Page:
History students tour Civil War sites


Contributed photo

Public History students visited the Pennsylvania Memorial at Gettysburg National Military Park. For three days, students toured some of the most significant Civil War sites in the country.

Jose A. Nufio, Features editor

Mercyhurst students traveled to several historical sites to learn about the importance of the civil war and its relation to slavery over fall break last week.
The trip was held in connection with the “Introduction to Public History and Museums” class, taught by History Department Chair Chris Magoc, Ph.D.

The trip was sponsored by the History Department, allowing history club members and graduate students to also go on the trip. A total of 17 students and two faculty members made up the traveling group.

The course introduced students to museums, historic sites, National Park Services,  the interpretation and preservation of American history and how that is done by professionals. They also learned about interpreting challenges that professional practitioners face in the museum world.

To Magoc, one of the focal points of the course was the history of the American Civil War and related issues of slavery and racism. This in turn became the focal point of the trip.
They left Mercyhurst early Thursday morning, with their first stop being the Antietam National Battlefield in Sharpsburg, Md. The Antietam battle is considered “the bloodiest single day in American history” where more casualties occurred than on D-Day.

Students received an interpretation talk from one of the park’s chief rangers about the challenges of interpreting slavery on the battlefield at a site where people are accustomed to hearing only about the battle.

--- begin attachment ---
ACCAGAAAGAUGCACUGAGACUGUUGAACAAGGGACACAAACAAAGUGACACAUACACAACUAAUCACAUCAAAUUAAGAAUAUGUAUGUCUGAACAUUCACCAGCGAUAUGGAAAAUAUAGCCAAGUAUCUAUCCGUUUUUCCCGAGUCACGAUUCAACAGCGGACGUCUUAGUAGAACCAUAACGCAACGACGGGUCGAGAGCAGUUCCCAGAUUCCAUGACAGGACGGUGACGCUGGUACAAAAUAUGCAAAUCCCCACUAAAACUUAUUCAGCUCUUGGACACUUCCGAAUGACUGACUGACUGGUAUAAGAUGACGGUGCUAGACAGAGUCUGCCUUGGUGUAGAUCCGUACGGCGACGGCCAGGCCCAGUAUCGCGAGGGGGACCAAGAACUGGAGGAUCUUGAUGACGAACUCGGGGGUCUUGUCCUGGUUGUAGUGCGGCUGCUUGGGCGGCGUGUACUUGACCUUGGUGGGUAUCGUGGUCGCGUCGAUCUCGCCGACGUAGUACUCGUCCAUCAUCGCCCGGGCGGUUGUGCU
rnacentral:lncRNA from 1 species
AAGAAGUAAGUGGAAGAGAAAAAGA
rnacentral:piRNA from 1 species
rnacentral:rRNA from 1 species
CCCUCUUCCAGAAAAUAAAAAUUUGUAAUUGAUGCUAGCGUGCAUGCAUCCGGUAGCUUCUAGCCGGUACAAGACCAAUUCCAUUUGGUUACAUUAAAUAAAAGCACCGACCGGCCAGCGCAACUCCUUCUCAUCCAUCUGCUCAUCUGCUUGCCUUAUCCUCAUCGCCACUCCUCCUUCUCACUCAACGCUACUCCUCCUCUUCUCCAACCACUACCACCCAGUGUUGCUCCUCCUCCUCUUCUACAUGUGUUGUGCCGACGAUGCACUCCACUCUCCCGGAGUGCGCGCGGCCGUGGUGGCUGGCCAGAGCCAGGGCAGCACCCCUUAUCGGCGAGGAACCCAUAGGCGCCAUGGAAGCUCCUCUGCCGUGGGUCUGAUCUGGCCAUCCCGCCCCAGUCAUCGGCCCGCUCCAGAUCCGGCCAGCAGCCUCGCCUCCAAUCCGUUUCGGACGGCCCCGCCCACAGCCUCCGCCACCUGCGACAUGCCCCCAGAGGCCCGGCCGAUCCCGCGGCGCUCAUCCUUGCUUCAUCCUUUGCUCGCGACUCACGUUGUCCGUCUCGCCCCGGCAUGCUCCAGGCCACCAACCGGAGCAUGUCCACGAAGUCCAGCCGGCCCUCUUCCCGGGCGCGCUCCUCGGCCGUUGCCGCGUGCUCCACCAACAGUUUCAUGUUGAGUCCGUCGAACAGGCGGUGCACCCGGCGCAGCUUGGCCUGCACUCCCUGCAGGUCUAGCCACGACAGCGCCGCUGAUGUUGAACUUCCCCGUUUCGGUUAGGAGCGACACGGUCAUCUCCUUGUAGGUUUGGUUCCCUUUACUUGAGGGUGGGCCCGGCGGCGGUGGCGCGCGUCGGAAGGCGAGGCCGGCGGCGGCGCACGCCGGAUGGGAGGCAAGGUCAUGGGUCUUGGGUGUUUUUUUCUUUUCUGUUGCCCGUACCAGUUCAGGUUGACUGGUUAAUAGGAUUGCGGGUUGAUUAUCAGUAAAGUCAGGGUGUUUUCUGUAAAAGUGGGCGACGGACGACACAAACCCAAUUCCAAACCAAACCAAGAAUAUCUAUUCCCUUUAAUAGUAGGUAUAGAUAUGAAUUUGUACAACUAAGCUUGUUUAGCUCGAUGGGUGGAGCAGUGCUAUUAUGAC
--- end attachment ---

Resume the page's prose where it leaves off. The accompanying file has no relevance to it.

Magoc explains that about 10 to 15 years ago, historical museums and sites around the country began addressing the issue of slavery. Antietam in particular, was an important political site, because of its impact on the abolition of slavery.

“They incorporated that into the story now and they identified those African Americans by name. They talk about how Antietam was an important battle that allowed President Lincoln to sign the Emancipation Proclamation, which freed slaves of the South,” Magoc said.

On Friday, the group visited Harpers Ferry National Historical Park in W.Va. Harpers Ferry is a historically preserved town, where the Confederate and the Union armies met eight times during the war.

“It was a bloodily contested, important, strategic area for both the Union forces and the Confederates,” Magoc said.
Before the war, the federal government built an arsenal to store weapons. This was why abolitionist, John Brown, considered an extremist by many, led an attempted insurrection in 1859 to free the slaves, to end slavery and the begin the “cleansing of America’s national sin.”

Students were present on Oct. 16, which was anniversary of John Brown’s raid. They received an interpretive talk about John Brown and the raid. Senior Archeology major Emily Esteban-Baughman saw Harpers Ferry as her favorite site of the trip.

“It was a lovely day, it was very interesting to learn about John Brown and the food was great,” said Baughman.

Harpers Ferry is also known as the site where the second meeting of the National Association for the Advancement of Colored People, the first civil rights organization, took place on 1906.

After visiting the historical sites, the group climbed the Maryland’s Height mountain located near the town. In this mountain, soldiers hauled heavy artillery during the war.

“For me, as an old guy to be climbing that mountain, huffing and puffing. Imagine those guys hauling a five or six ton cannon,” said Magoc.

On Saturday, the group arrived at the Gettysburg National Military Park in Gettysburg, Pa., their third and last stop for the trip. Visiting the Gettysburg museum was Magoc’s favorite and most rewarding part of the trip.

“One of the greatest museums I’ve ever been to. One of the most powerful experiences,” Magoc said.

After visiting Gettysburg, the group drove back to Erie. Magoc considered the trip as hugely successful, rewarding, educational and an overall fun experience for the students.

“I’ve been here for almost 18 years and I think this was probably the best trip,” said Magoc.

“Students were paying close attention to how the issues of slavery and race are interpreted at the Civil War sites and I think they learned an awful lot. … It was just a really fun group of students. We had a blast.”

The trip will take place two years from now when the next class is offered in the fall of 2017.